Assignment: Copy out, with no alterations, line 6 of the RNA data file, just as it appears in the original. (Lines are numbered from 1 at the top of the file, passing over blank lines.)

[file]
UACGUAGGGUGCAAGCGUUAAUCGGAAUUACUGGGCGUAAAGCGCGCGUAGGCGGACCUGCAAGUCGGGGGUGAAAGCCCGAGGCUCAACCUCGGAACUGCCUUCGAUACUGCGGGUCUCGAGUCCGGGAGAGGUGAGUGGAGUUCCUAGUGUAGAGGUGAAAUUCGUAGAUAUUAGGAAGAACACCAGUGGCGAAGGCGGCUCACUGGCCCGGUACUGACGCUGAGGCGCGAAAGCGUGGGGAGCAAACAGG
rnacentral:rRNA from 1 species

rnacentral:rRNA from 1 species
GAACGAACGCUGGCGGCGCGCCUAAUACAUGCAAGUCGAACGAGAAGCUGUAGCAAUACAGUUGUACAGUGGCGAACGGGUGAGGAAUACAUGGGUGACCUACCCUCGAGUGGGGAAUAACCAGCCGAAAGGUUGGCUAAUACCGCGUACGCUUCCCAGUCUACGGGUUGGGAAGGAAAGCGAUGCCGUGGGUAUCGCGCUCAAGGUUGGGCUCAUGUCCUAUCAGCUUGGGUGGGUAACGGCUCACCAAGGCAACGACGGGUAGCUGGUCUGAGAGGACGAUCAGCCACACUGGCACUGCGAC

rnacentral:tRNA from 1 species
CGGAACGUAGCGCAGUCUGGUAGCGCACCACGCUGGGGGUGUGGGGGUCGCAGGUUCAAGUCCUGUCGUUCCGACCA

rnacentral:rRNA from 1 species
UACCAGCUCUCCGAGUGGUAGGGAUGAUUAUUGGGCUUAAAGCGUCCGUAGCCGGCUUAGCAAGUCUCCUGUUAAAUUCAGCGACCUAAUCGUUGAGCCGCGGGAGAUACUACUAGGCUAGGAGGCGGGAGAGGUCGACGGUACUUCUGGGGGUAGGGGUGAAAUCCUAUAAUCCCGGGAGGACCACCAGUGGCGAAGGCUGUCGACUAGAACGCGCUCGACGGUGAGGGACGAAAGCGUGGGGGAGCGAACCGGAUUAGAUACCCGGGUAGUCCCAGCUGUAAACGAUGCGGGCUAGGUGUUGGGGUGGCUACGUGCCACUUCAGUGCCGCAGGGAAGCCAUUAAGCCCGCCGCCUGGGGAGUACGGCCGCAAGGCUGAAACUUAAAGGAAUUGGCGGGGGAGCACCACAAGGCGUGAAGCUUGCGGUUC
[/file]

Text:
CGGAACGUAGCGCAGUCUGGUAGCGCACCACGCUGGGGGUGUGGGGGUCGCAGGUUCAAGUCCUGUCGUUCCGACCA